Worst CEOs of 2010 – What Not To Do In 2011

Tony Hayward of BP, Mark Hurd, CEO of HP and William Weldon of Johnson & Johnson have been identified by Sydney Finkelstein, Steven Roth Professor of Management at the Tuck School of Business at Dartmouth College, as the worst CEO’s of 2010.

Professor Finkelstein found that they all share the “unfortunate combination of believing they’ve got it all figured out while turning a blind eye to early warning signs.” Finkelstein attributes much of this to “arrogance,” a red flag for any CEO wanting to lead his or her corporation in these choppy economic waters.

Three key warning signs of arrogance are “don’t tell me – I know,” a sense of entitlement, and an obsession with public image. According to Professor Finkelstein – here’s how the three CEO’s fared:

Hayward won the award for the sense of entitlement. Who could forget his arrogant performance in front of Congress or that he spent the day waiting for his yacht to race while the people of Louisiana fended for themselves. It was a performance only applauded by the likes of Leona Helmsley. Hurd wanted to get back to his life – well so did the people of Louisiana.

Mark Hurd of HP should have paid attention during the company’s mandatory sexual harassment training and exemplifies “don’t tell me I know – or in his case I don’t care.” At his level filing false expense reports and having an inappropriate close personal relationship with a contractor is just plain hubris.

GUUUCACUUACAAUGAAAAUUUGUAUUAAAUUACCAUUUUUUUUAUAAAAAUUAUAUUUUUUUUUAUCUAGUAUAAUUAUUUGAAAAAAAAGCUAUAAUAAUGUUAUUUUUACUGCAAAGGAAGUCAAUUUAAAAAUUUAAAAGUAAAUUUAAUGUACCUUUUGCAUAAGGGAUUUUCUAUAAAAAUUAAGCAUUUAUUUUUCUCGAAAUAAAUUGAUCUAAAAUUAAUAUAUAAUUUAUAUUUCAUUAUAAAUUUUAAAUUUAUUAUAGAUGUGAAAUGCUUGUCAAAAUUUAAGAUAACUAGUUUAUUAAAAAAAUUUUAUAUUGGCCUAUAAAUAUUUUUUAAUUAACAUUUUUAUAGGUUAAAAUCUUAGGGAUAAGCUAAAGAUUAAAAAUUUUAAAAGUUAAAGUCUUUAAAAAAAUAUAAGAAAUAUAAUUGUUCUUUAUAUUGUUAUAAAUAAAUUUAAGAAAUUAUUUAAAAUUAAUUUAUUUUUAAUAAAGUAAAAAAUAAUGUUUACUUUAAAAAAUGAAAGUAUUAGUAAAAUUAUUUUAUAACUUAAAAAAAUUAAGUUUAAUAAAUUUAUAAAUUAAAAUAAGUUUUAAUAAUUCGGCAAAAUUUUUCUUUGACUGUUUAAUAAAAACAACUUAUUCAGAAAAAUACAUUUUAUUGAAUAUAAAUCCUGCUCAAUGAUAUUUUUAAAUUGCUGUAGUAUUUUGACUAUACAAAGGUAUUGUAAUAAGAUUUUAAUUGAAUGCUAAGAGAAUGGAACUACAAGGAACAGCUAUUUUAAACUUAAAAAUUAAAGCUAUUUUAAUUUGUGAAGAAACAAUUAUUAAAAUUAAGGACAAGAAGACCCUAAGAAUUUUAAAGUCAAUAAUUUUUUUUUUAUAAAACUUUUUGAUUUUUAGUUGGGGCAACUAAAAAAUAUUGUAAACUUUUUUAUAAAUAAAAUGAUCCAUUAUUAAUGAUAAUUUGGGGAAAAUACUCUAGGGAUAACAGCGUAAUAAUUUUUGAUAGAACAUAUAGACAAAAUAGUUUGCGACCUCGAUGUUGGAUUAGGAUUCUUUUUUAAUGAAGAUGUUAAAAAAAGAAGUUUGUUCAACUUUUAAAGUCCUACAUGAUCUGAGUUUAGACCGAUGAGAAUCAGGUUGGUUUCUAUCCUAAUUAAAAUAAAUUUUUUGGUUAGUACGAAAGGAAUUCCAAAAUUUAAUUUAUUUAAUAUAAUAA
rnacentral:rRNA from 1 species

Cathie Lesjak, HP’s interim CEO, wrote in a letter to employees:

“As we regularly remind all employees, each of us is expected to adhere strictly to the Standards of Business Conduct in all of our business dealings and relationships. This expectation applies with even greater force to HP’s CEO and other senior executives who, given their positions, must set the highest standard for professional and personal conduct. The investigation that was conducted revealed that Mark had failed to meet this standard.”

Johnson & Johnson CEO William Weldon was notably obsessed with his public image – but an image of power and wealth not of corporate or fiscal responsibility. The day Weldon announced 8,100 layoffs at his company he was also buying an $8.45 million waterfront lot in North Palm Beach, Fla., from former General Electric CEO Jack Welch.

With Johnson & Johnson’s once-golden reputation tarnished by 11 recalls of medicines, contact lenses and hip implants in as many months, Weldon told AP News “I know the company let consumers down.” He let employees down too.

Lessons learned from the failings of CEO’s at Fortune 500 Companies have direct application to all of our businesses.

As business leaders we need to remember to create opportunities for presenting and examining new ideas and new approaches. As leaders we then need to take the next step and adopt the good ones.

Mark T. Jensen is the co-founder of Bowie & Jensen and leads the firm’s transaction department. Mr. Jensen can be reached via email at


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